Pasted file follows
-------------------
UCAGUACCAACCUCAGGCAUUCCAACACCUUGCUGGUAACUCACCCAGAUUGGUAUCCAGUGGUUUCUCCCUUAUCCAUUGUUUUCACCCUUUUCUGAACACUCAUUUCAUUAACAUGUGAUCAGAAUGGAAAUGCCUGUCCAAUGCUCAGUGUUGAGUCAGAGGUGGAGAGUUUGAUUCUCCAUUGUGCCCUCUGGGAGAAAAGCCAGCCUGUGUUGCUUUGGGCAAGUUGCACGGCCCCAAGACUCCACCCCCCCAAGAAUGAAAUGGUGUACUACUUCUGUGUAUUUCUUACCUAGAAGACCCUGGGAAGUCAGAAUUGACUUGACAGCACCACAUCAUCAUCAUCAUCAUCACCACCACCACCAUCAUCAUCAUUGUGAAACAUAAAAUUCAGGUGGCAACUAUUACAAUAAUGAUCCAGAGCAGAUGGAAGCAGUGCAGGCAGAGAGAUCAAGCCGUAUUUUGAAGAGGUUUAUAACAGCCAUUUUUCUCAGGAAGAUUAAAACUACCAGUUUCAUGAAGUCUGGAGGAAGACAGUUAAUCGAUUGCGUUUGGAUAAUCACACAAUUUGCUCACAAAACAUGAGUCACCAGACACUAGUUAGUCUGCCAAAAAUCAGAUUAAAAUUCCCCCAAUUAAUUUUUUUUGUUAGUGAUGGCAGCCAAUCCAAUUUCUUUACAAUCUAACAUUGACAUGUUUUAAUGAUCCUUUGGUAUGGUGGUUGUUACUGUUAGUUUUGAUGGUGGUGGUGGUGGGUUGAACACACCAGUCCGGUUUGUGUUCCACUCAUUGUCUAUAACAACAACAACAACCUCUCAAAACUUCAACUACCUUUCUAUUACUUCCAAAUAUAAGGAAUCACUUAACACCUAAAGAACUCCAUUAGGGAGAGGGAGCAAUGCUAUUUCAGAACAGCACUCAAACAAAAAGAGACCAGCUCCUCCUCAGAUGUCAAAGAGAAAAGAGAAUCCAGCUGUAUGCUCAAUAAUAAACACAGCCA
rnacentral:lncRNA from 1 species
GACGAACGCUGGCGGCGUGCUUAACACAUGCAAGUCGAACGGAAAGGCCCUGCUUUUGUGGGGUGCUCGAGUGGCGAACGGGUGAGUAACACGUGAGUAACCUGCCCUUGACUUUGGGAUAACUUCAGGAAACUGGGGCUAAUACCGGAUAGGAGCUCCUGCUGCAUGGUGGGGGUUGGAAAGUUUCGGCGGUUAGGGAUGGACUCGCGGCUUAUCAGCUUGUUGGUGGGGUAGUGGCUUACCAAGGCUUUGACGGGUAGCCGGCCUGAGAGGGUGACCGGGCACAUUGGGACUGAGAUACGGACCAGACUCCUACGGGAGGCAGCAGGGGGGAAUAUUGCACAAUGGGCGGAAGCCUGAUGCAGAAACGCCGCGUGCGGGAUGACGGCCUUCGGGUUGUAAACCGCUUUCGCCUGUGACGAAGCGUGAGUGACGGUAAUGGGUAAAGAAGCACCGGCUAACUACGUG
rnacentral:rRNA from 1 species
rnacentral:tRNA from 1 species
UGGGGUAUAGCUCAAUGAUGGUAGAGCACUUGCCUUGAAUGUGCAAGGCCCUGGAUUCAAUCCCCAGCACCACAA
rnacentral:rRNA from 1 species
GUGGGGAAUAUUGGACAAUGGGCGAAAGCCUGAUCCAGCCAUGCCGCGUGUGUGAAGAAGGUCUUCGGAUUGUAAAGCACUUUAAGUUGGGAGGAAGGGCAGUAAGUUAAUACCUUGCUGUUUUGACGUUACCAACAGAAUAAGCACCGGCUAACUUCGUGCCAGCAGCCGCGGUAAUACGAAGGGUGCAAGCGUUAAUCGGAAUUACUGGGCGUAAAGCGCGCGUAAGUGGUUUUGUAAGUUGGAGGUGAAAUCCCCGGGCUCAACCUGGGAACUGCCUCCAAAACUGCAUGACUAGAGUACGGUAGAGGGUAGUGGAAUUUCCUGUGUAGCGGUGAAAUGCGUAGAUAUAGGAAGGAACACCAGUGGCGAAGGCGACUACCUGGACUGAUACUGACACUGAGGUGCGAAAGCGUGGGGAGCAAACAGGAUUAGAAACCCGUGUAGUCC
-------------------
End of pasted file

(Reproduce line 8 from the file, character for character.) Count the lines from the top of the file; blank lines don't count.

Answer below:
GUGGGGAAUAUUGGACAAUGGGCGAAAGCCUGAUCCAGCCAUGCCGCGUGUGUGAAGAAGGUCUUCGGAUUGUAAAGCACUUUAAGUUGGGAGGAAGGGCAGUAAGUUAAUACCUUGCUGUUUUGACGUUACCAACAGAAUAAGCACCGGCUAACUUCGUGCCAGCAGCCGCGGUAAUACGAAGGGUGCAAGCGUUAAUCGGAAUUACUGGGCGUAAAGCGCGCGUAAGUGGUUUUGUAAGUUGGAGGUGAAAUCCCCGGGCUCAACCUGGGAACUGCCUCCAAAACUGCAUGACUAGAGUACGGUAGAGGGUAGUGGAAUUUCCUGUGUAGCGGUGAAAUGCGUAGAUAUAGGAAGGAACACCAGUGGCGAAGGCGACUACCUGGACUGAUACUGACACUGAGGUGCGAAAGCGUGGGGAGCAAACAGGAUUAGAAACCCGUGUAGUCC